Artist: Grimm, Samuel Hieronymus
Medium: Ink on paper
The North Door of Durham Cathedral dates from 1140. It is surrounded by a carved stone doorway comprising a series of five orders of arches and pillars. One of the most striking features of the North Door itself is this bronze, lion-like knocker.
Durham Cathedral was a place of sanctuary throughout the middle ages. A fugitive from the law wishing to claim protection used the knocker to attract the attention of two watchmen in a chamber over the North Door. He was then admitted to the Monastery and given sanctuary for a maximum of thirty-seven days during which time he had to choose between trial and voluntary exile. If he chose the latter, he was escorted to a port - usually the Bishop's port at Hartlepool - wearing a badge in the shape of the cross of St Cuthbert stitched to his shoulder and carrying a rough wooden cross tied together with rope. He had to embark on the next ship to sail, regardless of its destination.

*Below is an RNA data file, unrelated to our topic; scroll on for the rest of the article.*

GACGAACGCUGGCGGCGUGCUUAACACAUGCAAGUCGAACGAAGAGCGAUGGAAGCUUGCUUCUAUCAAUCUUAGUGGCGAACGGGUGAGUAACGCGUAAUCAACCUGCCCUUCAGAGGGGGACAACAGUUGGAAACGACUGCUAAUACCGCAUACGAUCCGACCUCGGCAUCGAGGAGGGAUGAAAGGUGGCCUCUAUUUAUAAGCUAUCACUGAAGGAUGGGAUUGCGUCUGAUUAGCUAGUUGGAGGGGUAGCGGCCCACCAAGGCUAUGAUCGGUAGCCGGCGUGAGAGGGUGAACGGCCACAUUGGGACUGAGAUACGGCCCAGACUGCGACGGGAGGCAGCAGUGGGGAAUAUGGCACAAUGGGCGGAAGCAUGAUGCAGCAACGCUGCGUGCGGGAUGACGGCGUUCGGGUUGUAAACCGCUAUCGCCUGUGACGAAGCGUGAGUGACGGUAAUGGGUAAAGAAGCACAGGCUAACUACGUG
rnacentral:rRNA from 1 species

The knocker attached to the front of the North Door today is, in fact, an exact copy of the original and was placed there in 1980. The original is on display in the cathedral's museum.